I am a chicken shit. The list of things that terrify me ranges from insects and birds, to a wide variety of social situations, to speaking up in a group of more than four people, and being made to try new things. Don’t even get me started on clowns. Or the dark. I also hate making phone calls. Ok, you get the point.
Being an introvert and a worrier to boot, all of these characteristics have molded together to create one giant chicken shit. I lived comfortably in my chicken-shit coop for 30 years and found many effective ways of dealing with (avoiding) exposure to my various fears until one particular life event caused me to address many of my fears head-on, and forced me to be a braver person.
That life-changing event was becoming a mother. God knows I’ve tried to stay in my safe little chicken-shit coop since that cold day 20 months ago when I first became a parent (I mean cold literally—it was -40 degrees outside), but parenthood allows no time for chicken shittery. And so, my children have forced me to step outside my cozy chicken-shit coop and put on a brave face.
Here are five ways that my children make me braver every single day:
1. The Comfort Zone. Becoming a mom quickly made me realize that there is no room for comfort zones as a parent. Comfort food? Yes. But not comfort zones. In fact, I believe the labor and delivery room is where my comfort zone went to die (along with my dignity). Being a parent means wearing bunny ears on your head in public and spontaneously dancing at the grocery store. It means singing silly songs at the library and making goofy faces at the park. It means checking your inhibitions at the door and allowing your inner child to run free. As it turns out, letting out your inner child is way more invigorating than being comfortable, anyway.
2. My Give-a-Damn s permanently busted. Prior to becoming a parent, I put a lot of weight on the opinions of others. Friends, family, complete strangers, it didn’t matter. People’s opinions of me had the ability to affect me to my very core. Enter mommy-hood. There are days when I leave the house and realize once I get to my destination that I haven’t showered and am still wearing yesterday’s yogurt-encrusted leggings. I have learned that to survive parenthood I need to stop putting so much emphasis on what other people think of me. The bottom line is that if my children are clothed, fed and relatively happy then that is all my give-a-damn has time for.
3. Children = Cheap Therapy. There is no better way to get over your fears than to expose yourself to them over and over again on a daily basis. Parenthood forces me to do this every day of my life. Scared of making phone calls? Too bad, you have to make 20 appointments for your kids in the next two months. Don’t like going to new places? Bad news, all of your child’s appointments are in locations you’ve never even heard of before. Afraid of snakes, and birds, and spiders (oh my!)? Tough luck, your child just caught one and is proudly bringing it over to show you. You will likely have to kiss it or show it affection of some kind. People pay good money for sessions in exposure therapy. I just had to become a mom, and I get daily sessions free of charge.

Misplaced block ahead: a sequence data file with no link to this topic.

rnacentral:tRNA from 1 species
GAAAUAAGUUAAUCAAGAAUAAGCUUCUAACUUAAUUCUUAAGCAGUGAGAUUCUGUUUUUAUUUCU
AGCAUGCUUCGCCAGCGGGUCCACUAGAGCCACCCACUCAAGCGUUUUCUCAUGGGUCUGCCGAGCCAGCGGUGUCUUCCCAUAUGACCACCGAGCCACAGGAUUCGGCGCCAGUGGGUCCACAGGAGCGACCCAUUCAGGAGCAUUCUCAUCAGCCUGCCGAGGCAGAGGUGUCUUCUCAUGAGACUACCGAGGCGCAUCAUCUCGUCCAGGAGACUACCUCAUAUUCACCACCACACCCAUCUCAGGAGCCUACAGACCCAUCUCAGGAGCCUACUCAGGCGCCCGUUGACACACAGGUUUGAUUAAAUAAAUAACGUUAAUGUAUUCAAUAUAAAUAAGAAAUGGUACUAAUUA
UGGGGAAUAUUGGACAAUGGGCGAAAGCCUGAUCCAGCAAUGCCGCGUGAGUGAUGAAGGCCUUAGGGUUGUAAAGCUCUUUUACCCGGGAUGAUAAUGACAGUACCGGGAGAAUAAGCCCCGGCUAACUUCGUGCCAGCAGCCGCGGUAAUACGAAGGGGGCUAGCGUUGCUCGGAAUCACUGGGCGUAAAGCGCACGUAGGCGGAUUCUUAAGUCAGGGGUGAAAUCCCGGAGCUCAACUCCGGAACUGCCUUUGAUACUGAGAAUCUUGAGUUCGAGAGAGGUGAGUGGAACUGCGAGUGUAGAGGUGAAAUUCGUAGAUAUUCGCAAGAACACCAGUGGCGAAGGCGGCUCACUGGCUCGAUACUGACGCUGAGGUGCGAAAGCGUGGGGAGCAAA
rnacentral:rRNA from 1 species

4. Be. Assertive. Be. Be. Assertive. As a born introvert and a perpetual people-pleaser, being assertive comes about as naturally as headlining a rock concert or saying no when a friend asks for a favor. Parenthood has forced me to find my voice and exercise assertiveness skills that have been dormant for….ever. Learning to be assertive has served me well when fighting the ongoing battle that is setting boundaries with my strong-willed daughter. Finding my voice has been even more important when standing up for the rights of my children and being their voice when they are unable to stand up for themselves. Though it is a small, seemingly insignificant act of bravery, having the courage to find my voice and modeling this for my children is a gift I believe will last a lifetime.
5. Reach for the Stars. I have so many dreams for my children—dreams that I was too scared and shy to reach for myself. Now that I am a mom, I realize that the best way to encourage my children to fulfill their dreams is to continue in the pursuit of my own dreams. For me, that means ensuring my big-girl panties are securely fastened, allowing myself to be vulnerable, and taking risks creatively and professionally. For others, it might mean asking for that promotion, running a marathon or going back to school. Knowing that my children are watching intently as I reach for the stars motivates me more than any paycheck, personal trainer or professor ever could.
I realize that these five acts of bravery may seem small and insignificant, especially compared to the acts of bravery people perform around us every day. I am OK with that, for I have come to believe that bravery can be defined in an infinite number of ways. For this recovering chicken shit, these five tiny acts of bravery inspired by two fearless children may as well have earned me a superhero cape, or at least permanent residence outside the chicken-shit coop.